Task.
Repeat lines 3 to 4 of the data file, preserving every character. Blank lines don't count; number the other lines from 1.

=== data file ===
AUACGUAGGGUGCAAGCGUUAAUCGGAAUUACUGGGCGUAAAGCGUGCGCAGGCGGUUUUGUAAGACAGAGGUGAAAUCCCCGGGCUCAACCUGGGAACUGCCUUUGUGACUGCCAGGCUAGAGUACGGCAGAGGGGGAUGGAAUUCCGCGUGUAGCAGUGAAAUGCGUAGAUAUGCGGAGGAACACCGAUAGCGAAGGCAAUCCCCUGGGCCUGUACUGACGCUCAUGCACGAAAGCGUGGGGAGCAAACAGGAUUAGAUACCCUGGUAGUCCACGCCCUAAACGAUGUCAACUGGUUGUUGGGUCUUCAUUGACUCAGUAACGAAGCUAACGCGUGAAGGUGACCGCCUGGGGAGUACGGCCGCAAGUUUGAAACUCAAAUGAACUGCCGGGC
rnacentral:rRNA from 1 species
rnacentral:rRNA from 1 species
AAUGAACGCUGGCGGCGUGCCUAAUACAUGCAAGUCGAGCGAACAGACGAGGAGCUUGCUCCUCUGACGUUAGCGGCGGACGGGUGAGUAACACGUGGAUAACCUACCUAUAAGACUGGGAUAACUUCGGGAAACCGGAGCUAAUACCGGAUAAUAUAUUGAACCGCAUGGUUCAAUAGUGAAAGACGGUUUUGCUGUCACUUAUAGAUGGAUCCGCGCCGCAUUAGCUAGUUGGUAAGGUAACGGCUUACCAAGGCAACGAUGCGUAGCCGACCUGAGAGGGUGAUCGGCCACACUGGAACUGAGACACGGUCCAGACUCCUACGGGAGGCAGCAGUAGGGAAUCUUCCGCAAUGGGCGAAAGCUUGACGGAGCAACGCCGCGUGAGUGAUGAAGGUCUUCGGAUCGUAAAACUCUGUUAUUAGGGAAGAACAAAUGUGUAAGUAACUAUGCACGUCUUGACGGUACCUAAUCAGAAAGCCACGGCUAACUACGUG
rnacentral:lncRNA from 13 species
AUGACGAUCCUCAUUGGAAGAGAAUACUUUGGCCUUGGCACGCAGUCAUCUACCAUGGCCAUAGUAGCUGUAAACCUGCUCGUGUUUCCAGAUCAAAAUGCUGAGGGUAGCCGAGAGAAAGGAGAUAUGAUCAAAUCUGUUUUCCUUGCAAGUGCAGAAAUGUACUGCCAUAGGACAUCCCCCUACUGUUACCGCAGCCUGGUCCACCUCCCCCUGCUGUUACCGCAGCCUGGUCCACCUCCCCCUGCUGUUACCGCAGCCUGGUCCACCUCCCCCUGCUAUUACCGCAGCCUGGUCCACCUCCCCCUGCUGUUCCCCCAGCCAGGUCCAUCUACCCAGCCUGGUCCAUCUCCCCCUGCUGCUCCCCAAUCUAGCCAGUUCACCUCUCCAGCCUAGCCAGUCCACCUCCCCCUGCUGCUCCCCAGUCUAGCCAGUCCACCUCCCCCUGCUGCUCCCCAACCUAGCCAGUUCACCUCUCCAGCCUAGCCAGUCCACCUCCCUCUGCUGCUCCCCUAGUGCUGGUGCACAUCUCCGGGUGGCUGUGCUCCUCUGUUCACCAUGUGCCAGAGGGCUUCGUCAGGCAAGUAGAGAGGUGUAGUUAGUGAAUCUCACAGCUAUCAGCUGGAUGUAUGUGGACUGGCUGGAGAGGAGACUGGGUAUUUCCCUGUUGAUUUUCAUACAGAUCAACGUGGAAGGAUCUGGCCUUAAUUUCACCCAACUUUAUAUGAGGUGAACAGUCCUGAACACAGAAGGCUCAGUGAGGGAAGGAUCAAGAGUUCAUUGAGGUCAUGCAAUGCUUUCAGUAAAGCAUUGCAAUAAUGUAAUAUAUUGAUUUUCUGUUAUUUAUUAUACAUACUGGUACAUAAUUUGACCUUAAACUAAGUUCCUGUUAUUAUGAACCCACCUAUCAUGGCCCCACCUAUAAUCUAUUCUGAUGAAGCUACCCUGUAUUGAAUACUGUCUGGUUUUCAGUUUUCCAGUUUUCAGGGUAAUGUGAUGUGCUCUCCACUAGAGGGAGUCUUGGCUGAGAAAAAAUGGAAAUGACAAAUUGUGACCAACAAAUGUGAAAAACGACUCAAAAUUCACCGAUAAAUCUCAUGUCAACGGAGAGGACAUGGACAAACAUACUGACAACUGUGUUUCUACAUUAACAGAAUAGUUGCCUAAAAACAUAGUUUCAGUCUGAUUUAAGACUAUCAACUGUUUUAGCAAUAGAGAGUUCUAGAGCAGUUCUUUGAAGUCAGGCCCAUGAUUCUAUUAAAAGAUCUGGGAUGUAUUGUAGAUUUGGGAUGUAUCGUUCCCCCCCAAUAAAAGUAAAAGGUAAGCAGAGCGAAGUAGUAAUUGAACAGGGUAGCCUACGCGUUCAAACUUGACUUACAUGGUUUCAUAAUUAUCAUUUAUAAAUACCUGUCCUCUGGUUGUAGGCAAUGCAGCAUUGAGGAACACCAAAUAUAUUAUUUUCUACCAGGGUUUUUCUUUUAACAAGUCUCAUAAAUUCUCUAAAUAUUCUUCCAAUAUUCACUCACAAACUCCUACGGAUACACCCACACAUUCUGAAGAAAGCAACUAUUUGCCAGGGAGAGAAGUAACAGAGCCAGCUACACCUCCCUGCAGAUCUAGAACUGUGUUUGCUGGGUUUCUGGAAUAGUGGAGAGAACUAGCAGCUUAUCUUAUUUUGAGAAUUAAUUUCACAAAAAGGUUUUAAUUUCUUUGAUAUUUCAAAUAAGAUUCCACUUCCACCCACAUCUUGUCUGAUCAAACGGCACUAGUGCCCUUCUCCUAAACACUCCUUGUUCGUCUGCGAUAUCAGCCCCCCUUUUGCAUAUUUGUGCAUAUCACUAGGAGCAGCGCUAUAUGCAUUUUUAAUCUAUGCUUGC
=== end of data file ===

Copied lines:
rnacentral:rRNA from 1 species
AAUGAACGCUGGCGGCGUGCCUAAUACAUGCAAGUCGAGCGAACAGACGAGGAGCUUGCUCCUCUGACGUUAGCGGCGGACGGGUGAGUAACACGUGGAUAACCUACCUAUAAGACUGGGAUAACUUCGGGAAACCGGAGCUAAUACCGGAUAAUAUAUUGAACCGCAUGGUUCAAUAGUGAAAGACGGUUUUGCUGUCACUUAUAGAUGGAUCCGCGCCGCAUUAGCUAGUUGGUAAGGUAACGGCUUACCAAGGCAACGAUGCGUAGCCGACCUGAGAGGGUGAUCGGCCACACUGGAACUGAGACACGGUCCAGACUCCUACGGGAGGCAGCAGUAGGGAAUCUUCCGCAAUGGGCGAAAGCUUGACGGAGCAACGCCGCGUGAGUGAUGAAGGUCUUCGGAUCGUAAAACUCUGUUAUUAGGGAAGAACAAAUGUGUAAGUAACUAUGCACGUCUUGACGGUACCUAAUCAGAAAGCCACGGCUAACUACGUG